The Brendan Dassey case in Wisconsin, made famous by the Netflix series “Making a Murderer,” reflects much of what is wrong with American criminal justice: the blundering treatment of juveniles, the insatiable appetite for long sentences, the wickedly uneven quality of defense lawyers and the structural inability of appellate courts to correct for these problems.
In October, Dassey’s lawyer said his case is before Wisconsin Gov. Tony Evers in the form of a clemency petition that asks for either a pardon or commutation of his life sentence. A pardon would wipe away some effects of the conviction and free Dassey, while a commutation would simply shorten the sentence. Evers would be wise to use the ancient tool of the pardon power to achieve justice and mercy.
Brendan Dassey was 17 years old in 2007 when he was convicted of the sexual assault and murder of Teresa Halbach. As Dassey’s defense team pointed out, a major part of the state’s case was an involuntary confession extracted in an interrogation in which Dassey — a 10th grade special-education student — was interviewed without counsel or a parent present until he gave the police the answers they suggested.
For example, here’s the questioning that led Dassey to one conclusion the investigators wanted — that the victim had been shot in the head:
Investigator 1: What else did he do to her? We know something else was done. Tell us. And what else did you do? Come on. (pause). Something with the head. (pause). Brendan?
Investigator 2: …. can’t
Investigator 1: What else did you guys do. Come on.
Investigator 2: What he made you do, Brendan? We know he made you do somethin’ else.
Investigator 1: What was it? (pause). What was it?
Investigator 2: We have the evidence, Brendan. We just need ya to, to be honest with us.
Brendan: That he cut off her hair?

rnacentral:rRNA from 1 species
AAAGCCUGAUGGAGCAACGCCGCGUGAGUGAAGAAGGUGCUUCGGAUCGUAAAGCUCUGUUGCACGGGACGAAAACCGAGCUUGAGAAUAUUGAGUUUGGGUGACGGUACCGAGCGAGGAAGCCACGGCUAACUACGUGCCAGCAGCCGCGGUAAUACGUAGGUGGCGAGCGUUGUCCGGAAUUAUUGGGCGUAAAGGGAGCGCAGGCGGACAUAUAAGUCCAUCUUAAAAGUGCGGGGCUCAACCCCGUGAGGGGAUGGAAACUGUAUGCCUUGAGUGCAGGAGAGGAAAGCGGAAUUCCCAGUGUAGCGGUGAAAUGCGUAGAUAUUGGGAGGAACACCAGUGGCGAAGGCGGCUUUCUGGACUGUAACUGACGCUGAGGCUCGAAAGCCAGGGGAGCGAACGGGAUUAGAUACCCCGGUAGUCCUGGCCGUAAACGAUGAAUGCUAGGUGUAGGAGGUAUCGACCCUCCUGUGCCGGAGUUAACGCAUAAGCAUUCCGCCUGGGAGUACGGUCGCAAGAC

It was the wrong answer: the investigators wanted Dassey to say that she’d been shot in the head. He finally does, after Investigator 1 says, “I’m just gonna come out and ask you. Who shot her in the head?”
Dassey later recanted the confession. Two federal courts, including a three-judge panel of the Seventh Circuit Court of Appeals, held that Dassey’s confession was involuntary and that he had to be released or retried. However, a majority vote in the full Seventh Circuit Court reversed those decisions, and the Supreme Court refused to hear the case. A provision passed during the Clinton administration, put strict limits on the federal writ of habeas corpus — a petition that allows defendants to challenge the legality of their imprisonment — and stopped the Circuit Court from fixing the mess of this case, which dissenting judge Ilana Diamond Rovner called a “profound miscarriage of justice.”
That leaves clemency as the best hope for Brendan Dassey, who is not eligible for parole until 2048.
But Evers has voluntarily fettered his broad constitutional power to pardon those convicted of a crime by creating both a pardon advisory board and advisory rules for that board in June, even though they are not required by the Wisconsin Constitution. The advisory board is a good idea, but the rules go too far by requiring petitioners to “have completed [their] entire sentence at least five years ago.”